Rebekah Cadorette


When in her early twenties and looking for a creative outlet, Rebekah took up spinning. Rebekah enjoyed it immensely but after a year or two she had an enormous stash of handspun yarns and . . . nothing to do with them. Rebekah didn’t knit or crochet or do anything involving yarn. Eventually she took a weaving class just so she could justify continuing to spin. After the first class it was all over for her; weaving was officially the path her life had been waiting to take.

Over the years Rebekah has learned to knit and crochet and while she continue to spin, weaving has remained her true love. So filled with joy, Rebekah says “I wake up every morning and think, I get to go to work today!”

Rebekah has over 20 years experience creating usable and wearable works of art. Her studio is located uptown in the Victorian seaport of Port Townsend, Washington, where she focuses on the transformation of fiber to fabric. While spinning, dyeing, and weaving all take place at the studio, her emphasis is primarily on weaving and the exploration of color.

Most recently Rebekah has become enthralled with temari, the Japanese art of ball-making. These are ornaments created by wrapping successively smaller diameters of string and thread around a core and then adding an embroidered design to the surface. Rebekah finds it a very satisfying form of recycling as she can use loom waste for the core and much of the wrapping. Traditionally, the Japanese recycled scraps of kimono or rice hulls for the core.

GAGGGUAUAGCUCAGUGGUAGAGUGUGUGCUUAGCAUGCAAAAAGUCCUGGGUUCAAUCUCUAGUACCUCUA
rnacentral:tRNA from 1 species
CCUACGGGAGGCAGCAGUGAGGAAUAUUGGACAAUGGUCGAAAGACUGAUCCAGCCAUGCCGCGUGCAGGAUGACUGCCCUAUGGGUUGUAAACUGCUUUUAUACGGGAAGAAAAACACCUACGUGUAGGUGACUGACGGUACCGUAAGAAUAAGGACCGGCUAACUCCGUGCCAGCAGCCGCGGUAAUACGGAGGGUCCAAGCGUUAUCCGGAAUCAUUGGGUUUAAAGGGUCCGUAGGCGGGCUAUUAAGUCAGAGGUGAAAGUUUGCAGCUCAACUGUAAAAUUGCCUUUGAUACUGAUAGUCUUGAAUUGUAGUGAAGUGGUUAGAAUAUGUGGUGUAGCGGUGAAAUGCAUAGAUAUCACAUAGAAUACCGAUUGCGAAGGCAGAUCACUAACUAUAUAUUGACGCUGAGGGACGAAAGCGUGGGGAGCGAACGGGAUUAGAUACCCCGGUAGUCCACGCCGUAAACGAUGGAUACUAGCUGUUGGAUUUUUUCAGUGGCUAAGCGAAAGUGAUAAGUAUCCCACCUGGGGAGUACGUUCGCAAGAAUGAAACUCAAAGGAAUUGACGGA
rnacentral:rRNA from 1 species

Rebekah can be found most Saturdays, April through October, at the Port Townsend Farmers Market ; her garments and textiles for the home can be found at galleries and fine boutiques around the country. she lives within sight of the Straits of Juan de Fuca with her husband and numerous offspring.


Three Strands textiles for the home are woven from 100% cotton or a linen/cotton combination. A certain percentage of the yarns are purchased or salvaged mill ends, thereby preventing many pounds of fiber and cones from entering landfills every year. Each hand-finished piece is of heirloom quality but sturdy enough to be thrown in the washer and dryer.

Three Strands garments are woven from a combination of cotton, silk, wool, and hemp and often feature handspun, hand-painted yarn. Each piece is hand finished with half-fell seams.

Three Strands Handwovens has a “use it all up” policy. Greeting cards are created from fabric scraps and temari from thrums and waste yarn. Each card and ornament is guaranteed one-of-a-kind.